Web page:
Building a web page is not unlike building a library collection. Those developing web resources, like those developing library collections, are faced with many decisions related to the purpose of their efforts, meeting user needs, the relationship among items collected, and the quality of individual items. ultimately, that which is selected is only a relatively small portion of the available universe of resources. Most selectors employ explicit or implicit criteria to guide their decisions although selection of library materials or web resources is not amenable to formulaic guidelines. Decisions are conditioned by numerous factors including the nature of the subject under consideration, the use of the collection, and the nature and needs of the anticipated audience.



The guidelines below are intended to illuminate some factors commonly considered by selectors experienced in identifying web resources or building web pages. Most selectors report that much depends upon the purposes of a particular project. Keep in mind that these are guidelines&endash;not absolutes, and that a resource does not have to meet all of the criteria to be acceptable.


The quality of a web resource is variously indicated by its uniqueness, accuracy, comprehensiveness, lack of bias, or breadth of scope. high quality sites are often noted for the extent to which they include unique information and serve as a primary resource on a subject. Comprehensiveness is also indicative of a quality site although a compilation of well selected links is much preferred to a large number of links of mixed quality or usefulness. Sites that provide information are preferred to those that simply point to others although well organized and annotated collections of links are often judged useful by selectors.


Consider the extent to which the resource is in scope for the subject and appropriate for the level and purposes of the intended users. Language and country coverage should be appropriate for the subject involved and the intended audience.



The design and organization of the site should be logical and visually appealing. Good organization is generally indicated by a consistency of graphics and style. Annotated links to other sites are considered useful to help the user move through the information.

Ease of Use

Assess if the site is easy to load in terms of consistency of access and speed of loading. If special software is required, is it linked to the site, easily located, and free? Navigational aids should be provided for longer pages and if searchable, the search interface should be readily understood.

Reliability &


Consider the credibility, institutional affiliation, authority, status, and reputation of a site. The source of information should be clearly identified. If the site is the creation of an individual, the individual should be considered authoritative by such measures as institutional affiliation or peer review. A name and e-mail address of a contact person or group should be available for user contact.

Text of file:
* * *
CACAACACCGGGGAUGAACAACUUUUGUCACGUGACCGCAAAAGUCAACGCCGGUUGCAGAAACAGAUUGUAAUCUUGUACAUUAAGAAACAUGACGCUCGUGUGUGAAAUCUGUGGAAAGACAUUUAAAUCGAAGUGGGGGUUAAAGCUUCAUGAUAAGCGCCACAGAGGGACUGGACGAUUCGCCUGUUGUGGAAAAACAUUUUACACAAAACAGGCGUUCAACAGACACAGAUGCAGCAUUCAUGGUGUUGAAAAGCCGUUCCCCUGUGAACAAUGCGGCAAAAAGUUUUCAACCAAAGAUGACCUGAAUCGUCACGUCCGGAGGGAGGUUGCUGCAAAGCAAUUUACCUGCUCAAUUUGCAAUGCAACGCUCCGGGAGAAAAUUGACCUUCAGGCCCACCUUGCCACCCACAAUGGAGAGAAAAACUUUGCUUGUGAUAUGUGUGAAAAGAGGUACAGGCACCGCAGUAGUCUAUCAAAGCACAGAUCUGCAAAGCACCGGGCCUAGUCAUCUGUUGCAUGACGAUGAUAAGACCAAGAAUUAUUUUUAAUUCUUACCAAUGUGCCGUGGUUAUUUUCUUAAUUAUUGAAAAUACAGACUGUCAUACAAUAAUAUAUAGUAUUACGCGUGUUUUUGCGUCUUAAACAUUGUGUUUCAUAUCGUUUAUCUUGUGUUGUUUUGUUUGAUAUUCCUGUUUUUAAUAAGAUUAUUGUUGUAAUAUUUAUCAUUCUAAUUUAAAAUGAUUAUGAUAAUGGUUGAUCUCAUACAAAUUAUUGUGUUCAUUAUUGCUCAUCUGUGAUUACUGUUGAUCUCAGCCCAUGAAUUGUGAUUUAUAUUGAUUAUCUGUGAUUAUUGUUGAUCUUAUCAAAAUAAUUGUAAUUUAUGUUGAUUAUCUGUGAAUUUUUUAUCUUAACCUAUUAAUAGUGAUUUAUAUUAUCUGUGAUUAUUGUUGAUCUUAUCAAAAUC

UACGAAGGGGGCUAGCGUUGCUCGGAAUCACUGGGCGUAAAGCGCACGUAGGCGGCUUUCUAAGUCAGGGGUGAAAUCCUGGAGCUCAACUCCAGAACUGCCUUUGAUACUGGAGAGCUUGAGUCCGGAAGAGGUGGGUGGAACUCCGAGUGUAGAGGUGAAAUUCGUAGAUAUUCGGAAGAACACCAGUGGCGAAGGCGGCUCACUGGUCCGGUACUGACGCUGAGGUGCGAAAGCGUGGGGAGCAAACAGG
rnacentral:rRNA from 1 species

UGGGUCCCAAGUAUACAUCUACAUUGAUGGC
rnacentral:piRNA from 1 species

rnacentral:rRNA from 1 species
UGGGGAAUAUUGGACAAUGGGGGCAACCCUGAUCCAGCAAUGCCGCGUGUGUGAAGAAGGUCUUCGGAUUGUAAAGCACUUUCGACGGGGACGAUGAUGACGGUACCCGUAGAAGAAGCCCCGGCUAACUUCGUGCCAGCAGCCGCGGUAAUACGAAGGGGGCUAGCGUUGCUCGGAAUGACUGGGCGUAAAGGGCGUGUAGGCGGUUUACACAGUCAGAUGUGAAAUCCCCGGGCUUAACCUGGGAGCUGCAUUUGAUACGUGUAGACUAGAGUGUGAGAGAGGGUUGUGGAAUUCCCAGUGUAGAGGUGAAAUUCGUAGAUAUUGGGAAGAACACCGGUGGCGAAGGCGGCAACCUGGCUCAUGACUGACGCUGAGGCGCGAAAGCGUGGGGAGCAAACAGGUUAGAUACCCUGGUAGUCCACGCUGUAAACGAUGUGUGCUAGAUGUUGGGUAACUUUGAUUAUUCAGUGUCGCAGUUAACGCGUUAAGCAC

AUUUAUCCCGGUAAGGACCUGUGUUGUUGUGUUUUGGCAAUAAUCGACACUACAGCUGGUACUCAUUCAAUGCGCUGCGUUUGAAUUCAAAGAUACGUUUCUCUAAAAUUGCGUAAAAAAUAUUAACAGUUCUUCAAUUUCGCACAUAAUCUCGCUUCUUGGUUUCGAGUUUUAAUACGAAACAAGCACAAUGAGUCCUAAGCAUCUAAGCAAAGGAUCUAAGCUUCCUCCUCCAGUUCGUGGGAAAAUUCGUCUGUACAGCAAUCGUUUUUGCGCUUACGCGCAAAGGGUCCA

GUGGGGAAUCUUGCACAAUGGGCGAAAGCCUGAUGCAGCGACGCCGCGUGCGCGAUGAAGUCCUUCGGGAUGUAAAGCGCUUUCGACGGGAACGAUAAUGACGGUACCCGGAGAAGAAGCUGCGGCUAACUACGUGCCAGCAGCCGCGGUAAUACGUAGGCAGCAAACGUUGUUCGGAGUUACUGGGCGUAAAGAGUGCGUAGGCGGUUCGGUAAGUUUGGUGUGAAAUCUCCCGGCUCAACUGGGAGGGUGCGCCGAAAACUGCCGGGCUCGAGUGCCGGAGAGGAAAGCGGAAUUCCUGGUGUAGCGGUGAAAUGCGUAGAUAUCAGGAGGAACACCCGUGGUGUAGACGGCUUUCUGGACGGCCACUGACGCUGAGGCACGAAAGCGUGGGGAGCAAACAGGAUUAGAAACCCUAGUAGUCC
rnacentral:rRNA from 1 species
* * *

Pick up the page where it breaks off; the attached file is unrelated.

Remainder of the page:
Look for evidence, such as last update, that the site is regularly maintained, links are active and information is current.



Consider the impact of subscription fees for commercial sites or other possible barriers to access such as registration requirements, time limitations, or stringent copyright restrictions. While such restrictions are not necessarily a basis for exclusion of a site, the impact on users should be considered.

Local Orientation


Sites created by individuals or units affiliated with the University of Michigan should be given extra consideration to the extent that they may reflect local interests, needs, or resources or more commonly be referred to in the course of University activities. While it is important to keep in mind that most of the Library's pages are accessible nationally, it might still be useful to accentuate the local character of our efforts.



It is undeniable that web resources are judged both for content and visual appeal in ways that differ from our evaluation of print scholarly resources. Excellent design clearly adds value to web pages although should not be a substitute for excellent content. It is sometimes useful to look at a resource with a text browser such as Lynx or with the images turned off to judge the extent and quality of content independent of graphics. It should be considered that Gopher resource and ASCII documents may have a high degree of scholarly value to specialized users.

Range of


While of potentially great scholarly use, the web differs from print scholarly publications both in its accessibility to a wider audience and for the potential to engage readers in dialogue about posted materials. In the context of the web, scholarly resources&endash;presented in traditional scholarly prose&endash;can sometimes be enhanced by juxtaposition of more popular resources on a subject or by inclusion of comments from a broader and not necessarily academic audience.

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